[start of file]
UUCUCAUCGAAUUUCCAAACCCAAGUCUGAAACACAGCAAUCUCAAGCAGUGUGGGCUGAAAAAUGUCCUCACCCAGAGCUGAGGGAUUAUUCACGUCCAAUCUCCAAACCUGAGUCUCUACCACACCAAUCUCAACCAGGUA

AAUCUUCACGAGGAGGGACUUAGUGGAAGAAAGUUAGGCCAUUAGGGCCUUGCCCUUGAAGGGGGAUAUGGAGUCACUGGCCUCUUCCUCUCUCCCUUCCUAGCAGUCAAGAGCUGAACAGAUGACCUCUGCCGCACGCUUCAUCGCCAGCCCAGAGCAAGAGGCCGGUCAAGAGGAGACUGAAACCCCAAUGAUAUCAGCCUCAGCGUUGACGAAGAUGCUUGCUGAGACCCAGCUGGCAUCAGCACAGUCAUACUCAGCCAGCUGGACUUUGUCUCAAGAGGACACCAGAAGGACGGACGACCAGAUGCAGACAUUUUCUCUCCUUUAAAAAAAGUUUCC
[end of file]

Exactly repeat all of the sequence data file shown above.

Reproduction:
UUCUCAUCGAAUUUCCAAACCCAAGUCUGAAACACAGCAAUCUCAAGCAGUGUGGGCUGAAAAAUGUCCUCACCCAGAGCUGAGGGAUUAUUCACGUCCAAUCUCCAAACCUGAGUCUCUACCACACCAAUCUCAACCAGGUA

AAUCUUCACGAGGAGGGACUUAGUGGAAGAAAGUUAGGCCAUUAGGGCCUUGCCCUUGAAGGGGGAUAUGGAGUCACUGGCCUCUUCCUCUCUCCCUUCCUAGCAGUCAAGAGCUGAACAGAUGACCUCUGCCGCACGCUUCAUCGCCAGCCCAGAGCAAGAGGCCGGUCAAGAGGAGACUGAAACCCCAAUGAUAUCAGCCUCAGCGUUGACGAAGAUGCUUGCUGAGACCCAGCUGGCAUCAGCACAGUCAUACUCAGCCAGCUGGACUUUGUCUCAAGAGGACACCAGAAGGACGGACGACCAGAUGCAGACAUUUUCUCUCCUUUAAAAAAAGUUUCC